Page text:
Health workers sceptical about the quality of PPEs: survey

Twenty-five percent of doctors and 60 percent of nurses engaged in treating coronavirus patients have not yet received personal protective equipment, or PPEs, and those who have are sceptical of its effectiveness, according to a survey.

Published : 18 April 2020, 11:29 AM
Updated : 18 April 2020, 11:30 AM

The findings were made public in a virtual media briefing on Saturday by BRAC University’s James P Grant School of Public Health and Bangladesh Health Watch.

"Seventy-five percent of frontline doctors and 40 percent of the nurses have received PPEs. However, they are sceptical about the quality of the raincoat-like PPEs,” said Bushra Zerin Islam, a researcher involved in the survey.

“The World Health Organisation recommends the PPEs to be used once and then destroyed. But our health workers are being told to reuse their equipment. These issues are causing a great deal of stress among the health workers.”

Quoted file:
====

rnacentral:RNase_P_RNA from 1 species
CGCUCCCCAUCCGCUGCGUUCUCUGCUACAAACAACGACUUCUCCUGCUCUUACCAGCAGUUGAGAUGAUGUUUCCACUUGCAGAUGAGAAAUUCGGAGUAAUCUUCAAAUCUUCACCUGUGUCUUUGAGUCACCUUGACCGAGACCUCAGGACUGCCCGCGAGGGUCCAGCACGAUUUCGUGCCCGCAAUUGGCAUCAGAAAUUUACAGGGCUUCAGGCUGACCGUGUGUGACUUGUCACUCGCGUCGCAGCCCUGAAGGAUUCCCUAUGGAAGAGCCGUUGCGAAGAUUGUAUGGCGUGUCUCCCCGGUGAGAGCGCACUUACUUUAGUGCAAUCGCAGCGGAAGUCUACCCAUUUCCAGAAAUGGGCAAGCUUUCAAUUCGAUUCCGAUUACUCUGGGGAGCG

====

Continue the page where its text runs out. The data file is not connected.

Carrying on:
The survey found the doctors had undertaken the initiative to study the WHO’s guidelines on wear, use and management of the PPEs on their own accord but most of the nurses were not given any training regarding the matter. 

Researchers said 60 doctors and nurses from 43 hospitals and health centres in 14 districts participated in the survey by telephone. The survey was conducted from Apr 9-14.

Another survey was conducted by BRAC University’s School of Public Health about the coronavirus awareness level among the people.

There is a serious lack of awareness about the disease, said researcher Atanu Rabbani.

“A lot of people still do not know how the disease spreads.”

High levels of fear and panic were seen among the poor of Dhaka city and the Hijra population regarding the coronavirus, according to two surveys conducted among slum dwellers and Hijras.

“The Hijra community has been speculating that they will not receive any treatment and will die from the disease. Their income is also taking a hit. Since they travel in groups, they are being thought of as carriers of the virus. They are becoming even more marginalised now,” said Bachera Aktar, a researcher.